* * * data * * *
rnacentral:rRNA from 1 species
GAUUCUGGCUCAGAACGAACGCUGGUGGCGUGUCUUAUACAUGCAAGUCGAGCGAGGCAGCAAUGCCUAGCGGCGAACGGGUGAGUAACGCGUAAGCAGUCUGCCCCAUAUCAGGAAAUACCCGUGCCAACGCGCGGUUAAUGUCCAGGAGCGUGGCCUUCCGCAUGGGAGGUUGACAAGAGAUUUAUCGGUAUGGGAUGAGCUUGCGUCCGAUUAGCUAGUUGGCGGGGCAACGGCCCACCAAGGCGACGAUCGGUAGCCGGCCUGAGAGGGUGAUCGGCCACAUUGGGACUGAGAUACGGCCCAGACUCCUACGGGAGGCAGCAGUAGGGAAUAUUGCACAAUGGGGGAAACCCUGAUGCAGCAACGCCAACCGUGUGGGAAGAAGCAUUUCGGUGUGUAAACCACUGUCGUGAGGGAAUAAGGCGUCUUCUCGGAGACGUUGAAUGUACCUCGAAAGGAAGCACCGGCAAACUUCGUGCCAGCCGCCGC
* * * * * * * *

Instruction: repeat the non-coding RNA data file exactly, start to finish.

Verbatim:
rnacentral:rRNA from 1 species
GAUUCUGGCUCAGAACGAACGCUGGUGGCGUGUCUUAUACAUGCAAGUCGAGCGAGGCAGCAAUGCCUAGCGGCGAACGGGUGAGUAACGCGUAAGCAGUCUGCCCCAUAUCAGGAAAUACCCGUGCCAACGCGCGGUUAAUGUCCAGGAGCGUGGCCUUCCGCAUGGGAGGUUGACAAGAGAUUUAUCGGUAUGGGAUGAGCUUGCGUCCGAUUAGCUAGUUGGCGGGGCAACGGCCCACCAAGGCGACGAUCGGUAGCCGGCCUGAGAGGGUGAUCGGCCACAUUGGGACUGAGAUACGGCCCAGACUCCUACGGGAGGCAGCAGUAGGGAAUAUUGCACAAUGGGGGAAACCCUGAUGCAGCAACGCCAACCGUGUGGGAAGAAGCAUUUCGGUGUGUAAACCACUGUCGUGAGGGAAUAAGGCGUCUUCUCGGAGACGUUGAAUGUACCUCGAAAGGAAGCACCGGCAAACUUCGUGCCAGCCGCCGC